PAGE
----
Anthony Karabanow, MD
Cutaneous anthrax is endemic in Haiti. Colloquially known as “malcharbon” (or “sick charcoal,”) this disease has been responsible for multiple regional outbreaks in Haiti. An outbreak of cutaneous and systemic disease involving > 100 cases and >12 deaths occurred in La Brillere in 1996. In 1988, the Haitian Ministry of Health recorded 164 cases of anthrax in the Commune of Jeremie1.
Anthrax is caused by the spore forming bacteria Bacillus anthracis. As spores, this organism can survive for extended periods in the environment. Indeed, anthrax spores are often part of normal soil flora. Under certain circumstances (e.g. after abundant rainfall or drought,) the bacteria can undergo a burst of replication. Unfortunately, cycles of flooding followed by drought (“anthrax weather”) have become more common in Haiti as a result of deforestation. Flooding and subsequent run-off concentrates anthrax spores in low-lying areas; drought evaporates pooled water and further concentrates the spores2.
Domestic animals (cattle, sheep, goats, pigs, horses) may ingest the spores while grazing. Anthrax in animals results in a syndrome of fever, breathing difficulty, convulsions and bleeding from multiple orifices. Death occurs in 2-3 days in untreated animals. Humans acquire this disease by coming into contact with infected animals. Anthrax has long been recognized as an occupational hazard for those who handle animal hides, veterinarians and agricultural workers.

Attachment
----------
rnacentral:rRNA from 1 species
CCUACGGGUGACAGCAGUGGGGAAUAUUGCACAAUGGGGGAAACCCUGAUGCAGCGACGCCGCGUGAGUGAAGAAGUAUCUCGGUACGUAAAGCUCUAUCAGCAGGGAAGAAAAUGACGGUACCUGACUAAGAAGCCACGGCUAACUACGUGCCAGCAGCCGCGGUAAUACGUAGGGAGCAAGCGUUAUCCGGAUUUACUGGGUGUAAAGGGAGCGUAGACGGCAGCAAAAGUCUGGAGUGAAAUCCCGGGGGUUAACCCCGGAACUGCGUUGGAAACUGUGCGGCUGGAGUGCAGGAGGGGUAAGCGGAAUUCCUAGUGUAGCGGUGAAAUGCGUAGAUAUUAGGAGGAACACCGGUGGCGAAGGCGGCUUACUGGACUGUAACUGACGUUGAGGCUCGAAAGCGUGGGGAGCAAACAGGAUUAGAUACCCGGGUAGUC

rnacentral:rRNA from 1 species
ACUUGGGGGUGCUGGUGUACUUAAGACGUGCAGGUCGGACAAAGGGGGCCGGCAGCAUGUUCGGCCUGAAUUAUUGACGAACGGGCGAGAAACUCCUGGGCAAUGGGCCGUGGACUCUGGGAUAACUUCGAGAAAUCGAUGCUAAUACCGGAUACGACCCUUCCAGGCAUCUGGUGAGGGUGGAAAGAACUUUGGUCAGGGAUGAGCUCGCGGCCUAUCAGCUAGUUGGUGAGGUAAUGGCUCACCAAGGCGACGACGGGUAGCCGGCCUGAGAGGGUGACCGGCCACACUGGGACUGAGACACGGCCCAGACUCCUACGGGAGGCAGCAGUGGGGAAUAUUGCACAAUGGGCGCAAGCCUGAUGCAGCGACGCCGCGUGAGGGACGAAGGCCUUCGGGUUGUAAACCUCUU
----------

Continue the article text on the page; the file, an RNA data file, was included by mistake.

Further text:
Human anthrax usually involves the skin (most often of the neck, face and upper extremities.) Spores typically enter the skin through minor cuts or abrasions. The spores then germinate, multiply and release toxins. Clinical disease is actually the result of toxins released by the organism. Most cutaneous lesions remain localized and resolve spontaneously in a matter of weeks. However, in 20 percent cases, cutaneous anthrax can spread into the blood stream and result in sepsis, meningitis and death. This justifies treating all cases of cutaneous anthrax with antibiotics. With prompt antibiotic therapy, mortality from cutaneous anthrax is virtually zero.
Anthrax can also be acquired through inhalation and the GI tract. These forms are far less common than cutaneous anthrax and usually misdiagnosed. Inhalational anthrax (“woolsorters disease”) may occur in those who inhale spores while working with the hides of infected animals. The initial symptoms are those of a viral upper respiratory infection (i.e. fever, non-productive cough, myalgias and malaise.) A chest x-ray performed early in the disease shows a widened mediastinum from hemorrhagic mediastinitis. Patients ultimately succumb to respiratory failure and shock despite antibiotics.
Gastrointestinal anthrax results from the consumption of meat from infected animals. This results in the formation of ulcers in the digestive tract similar to those found on the skin. Symptoms include fever, abdominal pain and bloody stools/vomit. Ascites often develops. Ascitic fluid analysis often reveals the presence of anthrax. Mortality (due to intestinal perforation or sepsis) ranges from 4 to 60% in various studies.